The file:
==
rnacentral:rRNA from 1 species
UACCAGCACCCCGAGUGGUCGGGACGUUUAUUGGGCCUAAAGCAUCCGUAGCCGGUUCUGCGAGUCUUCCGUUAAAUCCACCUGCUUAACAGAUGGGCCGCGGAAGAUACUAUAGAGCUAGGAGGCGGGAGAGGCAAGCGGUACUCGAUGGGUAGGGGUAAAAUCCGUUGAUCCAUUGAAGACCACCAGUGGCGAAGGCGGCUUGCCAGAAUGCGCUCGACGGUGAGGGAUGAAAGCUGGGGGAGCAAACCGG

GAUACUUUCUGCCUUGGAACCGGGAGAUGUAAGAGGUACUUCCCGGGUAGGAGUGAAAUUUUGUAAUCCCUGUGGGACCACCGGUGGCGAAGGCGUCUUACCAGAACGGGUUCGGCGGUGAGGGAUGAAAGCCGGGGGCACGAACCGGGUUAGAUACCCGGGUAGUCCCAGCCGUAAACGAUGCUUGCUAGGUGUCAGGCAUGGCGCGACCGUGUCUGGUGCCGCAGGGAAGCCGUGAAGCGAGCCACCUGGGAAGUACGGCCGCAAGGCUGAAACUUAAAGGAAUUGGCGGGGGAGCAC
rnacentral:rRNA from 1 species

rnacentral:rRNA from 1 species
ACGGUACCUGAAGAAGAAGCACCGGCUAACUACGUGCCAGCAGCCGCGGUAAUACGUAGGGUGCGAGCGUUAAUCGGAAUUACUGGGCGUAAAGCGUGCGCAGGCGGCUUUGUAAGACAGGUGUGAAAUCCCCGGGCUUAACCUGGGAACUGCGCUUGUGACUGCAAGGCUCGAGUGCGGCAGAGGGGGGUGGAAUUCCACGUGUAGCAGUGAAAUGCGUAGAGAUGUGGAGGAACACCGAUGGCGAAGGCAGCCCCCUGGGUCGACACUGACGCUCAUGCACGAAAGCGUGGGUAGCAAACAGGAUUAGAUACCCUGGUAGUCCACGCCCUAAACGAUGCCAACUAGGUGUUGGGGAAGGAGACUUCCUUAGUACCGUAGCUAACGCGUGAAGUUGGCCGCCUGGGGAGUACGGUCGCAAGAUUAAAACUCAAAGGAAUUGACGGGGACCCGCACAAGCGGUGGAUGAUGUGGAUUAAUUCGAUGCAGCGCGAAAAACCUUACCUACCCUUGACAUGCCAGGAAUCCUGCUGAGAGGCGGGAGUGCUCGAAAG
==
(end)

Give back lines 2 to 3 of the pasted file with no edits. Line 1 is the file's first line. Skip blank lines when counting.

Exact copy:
UACCAGCACCCCGAGUGGUCGGGACGUUUAUUGGGCCUAAAGCAUCCGUAGCCGGUUCUGCGAGUCUUCCGUUAAAUCCACCUGCUUAACAGAUGGGCCGCGGAAGAUACUAUAGAGCUAGGAGGCGGGAGAGGCAAGCGGUACUCGAUGGGUAGGGGUAAAAUCCGUUGAUCCAUUGAAGACCACCAGUGGCGAAGGCGGCUUGCCAGAAUGCGCUCGACGGUGAGGGAUGAAAGCUGGGGGAGCAAACCGG

GAUACUUUCUGCCUUGGAACCGGGAGAUGUAAGAGGUACUUCCCGGGUAGGAGUGAAAUUUUGUAAUCCCUGUGGGACCACCGGUGGCGAAGGCGUCUUACCAGAACGGGUUCGGCGGUGAGGGAUGAAAGCCGGGGGCACGAACCGGGUUAGAUACCCGGGUAGUCCCAGCCGUAAACGAUGCUUGCUAGGUGUCAGGCAUGGCGCGACCGUGUCUGGUGCCGCAGGGAAGCCGUGAAGCGAGCCACCUGGGAAGUACGGCCGCAAGGCUGAAACUUAAAGGAAUUGGCGGGGGAGCAC